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How to Box

1 Trainer Says This Is the Biggest Mistake People Make When They're Boxing

If you've ventured beyond traditional workout classes and into the world of boxing, then you already have a drive and passion for hitting stuff. But just because you have a good boxer's stance and a Rocky playlist doesn't mean that you are ready to step into the ring. In fact, Work Train Fight (WTF) lead trainer Nikki Campbell often sees newbies boxing with poor form — a surefire way to cause injury and be a less efficient fighter.

"I have a plethora of items that people do wrong that could easily be fixed with one or two cues to make their boxing a lot more efficient, look better, and make you feel a lot stronger in your punches as well," she told POPSUGAR. The biggest one — and a bit of a shocker for anyone who doesn't box — is that beginners box by solely relying on their arms, according to Campbell.

People see limbs flying and think all it takes is extending the arm out, when in reality 90 percent of your punch comes from your legs and core, Campbell said. "We always say the number one muscle people use when they punch and they box is their legs," she said. When teaching classes at WTF, she always reminds her students to squat, sit into their punches, and use their legs, not only to ground them but to power them. If you skip this crucial step, you're likely to have a lower back, bicep, or rotator cuff injury.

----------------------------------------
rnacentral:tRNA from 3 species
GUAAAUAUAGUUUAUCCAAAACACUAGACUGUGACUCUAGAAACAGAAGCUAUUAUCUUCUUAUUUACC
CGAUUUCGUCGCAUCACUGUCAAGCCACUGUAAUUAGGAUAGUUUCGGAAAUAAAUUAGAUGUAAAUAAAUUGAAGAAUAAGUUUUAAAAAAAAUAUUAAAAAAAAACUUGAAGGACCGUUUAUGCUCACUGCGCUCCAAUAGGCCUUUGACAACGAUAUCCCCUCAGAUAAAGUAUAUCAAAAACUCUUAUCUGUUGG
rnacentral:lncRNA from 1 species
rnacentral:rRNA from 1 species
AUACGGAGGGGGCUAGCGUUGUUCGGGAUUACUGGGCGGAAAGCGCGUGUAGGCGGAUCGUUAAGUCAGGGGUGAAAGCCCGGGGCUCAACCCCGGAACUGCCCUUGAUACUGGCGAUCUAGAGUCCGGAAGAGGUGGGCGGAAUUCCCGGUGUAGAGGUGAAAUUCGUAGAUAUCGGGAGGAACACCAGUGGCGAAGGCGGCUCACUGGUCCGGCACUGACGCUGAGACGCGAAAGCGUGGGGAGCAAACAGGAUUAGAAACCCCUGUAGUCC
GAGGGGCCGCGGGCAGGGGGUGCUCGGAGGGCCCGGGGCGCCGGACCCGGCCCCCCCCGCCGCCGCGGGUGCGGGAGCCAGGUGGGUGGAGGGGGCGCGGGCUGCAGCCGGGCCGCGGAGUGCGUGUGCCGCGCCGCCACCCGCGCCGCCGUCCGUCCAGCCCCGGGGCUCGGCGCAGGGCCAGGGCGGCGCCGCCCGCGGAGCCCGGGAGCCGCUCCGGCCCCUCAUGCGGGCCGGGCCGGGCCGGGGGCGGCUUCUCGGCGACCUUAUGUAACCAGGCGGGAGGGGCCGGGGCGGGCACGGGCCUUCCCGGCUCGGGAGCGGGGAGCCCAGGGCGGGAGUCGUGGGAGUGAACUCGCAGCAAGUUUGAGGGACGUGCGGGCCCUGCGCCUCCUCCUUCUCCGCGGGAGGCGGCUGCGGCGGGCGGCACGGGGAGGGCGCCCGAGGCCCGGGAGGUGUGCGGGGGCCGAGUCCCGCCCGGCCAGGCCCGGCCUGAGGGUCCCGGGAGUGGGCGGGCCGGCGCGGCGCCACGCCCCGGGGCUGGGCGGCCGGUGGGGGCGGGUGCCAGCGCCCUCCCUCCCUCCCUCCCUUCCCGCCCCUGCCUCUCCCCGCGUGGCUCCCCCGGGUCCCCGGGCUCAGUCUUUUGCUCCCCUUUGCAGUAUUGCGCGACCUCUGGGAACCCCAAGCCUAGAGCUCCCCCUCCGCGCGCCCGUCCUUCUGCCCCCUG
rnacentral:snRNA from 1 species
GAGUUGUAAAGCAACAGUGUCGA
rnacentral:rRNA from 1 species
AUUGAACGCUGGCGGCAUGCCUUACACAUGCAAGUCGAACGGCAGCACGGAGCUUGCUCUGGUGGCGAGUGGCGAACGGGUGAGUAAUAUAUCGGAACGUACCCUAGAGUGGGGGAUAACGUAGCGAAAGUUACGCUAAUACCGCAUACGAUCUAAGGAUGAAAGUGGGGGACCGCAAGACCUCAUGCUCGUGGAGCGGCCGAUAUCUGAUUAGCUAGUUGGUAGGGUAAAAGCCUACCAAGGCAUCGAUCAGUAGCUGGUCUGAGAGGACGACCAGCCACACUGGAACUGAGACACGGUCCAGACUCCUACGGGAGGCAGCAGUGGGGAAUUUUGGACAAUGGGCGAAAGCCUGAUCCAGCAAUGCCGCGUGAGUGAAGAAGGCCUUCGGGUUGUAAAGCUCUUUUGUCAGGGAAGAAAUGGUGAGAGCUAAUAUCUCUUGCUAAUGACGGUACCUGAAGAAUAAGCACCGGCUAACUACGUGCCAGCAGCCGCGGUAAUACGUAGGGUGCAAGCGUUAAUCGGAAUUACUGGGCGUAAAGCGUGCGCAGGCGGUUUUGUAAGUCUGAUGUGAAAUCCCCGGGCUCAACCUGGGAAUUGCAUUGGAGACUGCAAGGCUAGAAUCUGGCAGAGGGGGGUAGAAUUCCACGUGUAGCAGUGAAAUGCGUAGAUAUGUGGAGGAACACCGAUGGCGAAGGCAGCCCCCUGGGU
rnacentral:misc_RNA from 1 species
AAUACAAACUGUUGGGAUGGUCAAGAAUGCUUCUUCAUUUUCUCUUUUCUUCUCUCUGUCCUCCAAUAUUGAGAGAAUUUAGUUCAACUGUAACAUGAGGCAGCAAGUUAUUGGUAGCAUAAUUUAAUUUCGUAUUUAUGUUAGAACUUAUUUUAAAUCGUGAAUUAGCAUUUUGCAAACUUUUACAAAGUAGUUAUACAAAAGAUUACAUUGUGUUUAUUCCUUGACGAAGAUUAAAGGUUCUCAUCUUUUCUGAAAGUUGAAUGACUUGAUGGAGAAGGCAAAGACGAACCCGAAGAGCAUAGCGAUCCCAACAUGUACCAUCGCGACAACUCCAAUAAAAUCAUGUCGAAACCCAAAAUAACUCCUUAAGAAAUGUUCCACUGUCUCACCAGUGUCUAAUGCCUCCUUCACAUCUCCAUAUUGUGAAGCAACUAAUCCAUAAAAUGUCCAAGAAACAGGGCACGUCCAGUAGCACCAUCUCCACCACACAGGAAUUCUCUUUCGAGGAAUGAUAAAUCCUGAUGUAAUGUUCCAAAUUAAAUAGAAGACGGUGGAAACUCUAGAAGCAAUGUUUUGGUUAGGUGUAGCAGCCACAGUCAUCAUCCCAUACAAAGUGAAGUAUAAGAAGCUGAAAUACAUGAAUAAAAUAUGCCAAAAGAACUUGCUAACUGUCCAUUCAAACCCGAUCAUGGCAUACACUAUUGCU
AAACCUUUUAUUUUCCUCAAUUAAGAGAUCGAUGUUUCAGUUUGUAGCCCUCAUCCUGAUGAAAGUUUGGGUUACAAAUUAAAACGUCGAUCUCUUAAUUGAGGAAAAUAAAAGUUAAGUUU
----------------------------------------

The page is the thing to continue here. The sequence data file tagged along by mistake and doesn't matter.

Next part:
"So much of boxing is in front of you, so a lot of people will lean and send all of their energy and body weight forward and the idea of sitting is counterintuitive to them," she said. "But really, that sit helps you extend even further while maintaining your balance." Although it may seem awkward at first, Campbell recommends thinking of sitting back in a chair and making sure your knees aren't way in front of your toes. Her other big piece of advice is to practice shadow boxing in front of the mirror to get your form down — even before (eventually) putting on your gloves.

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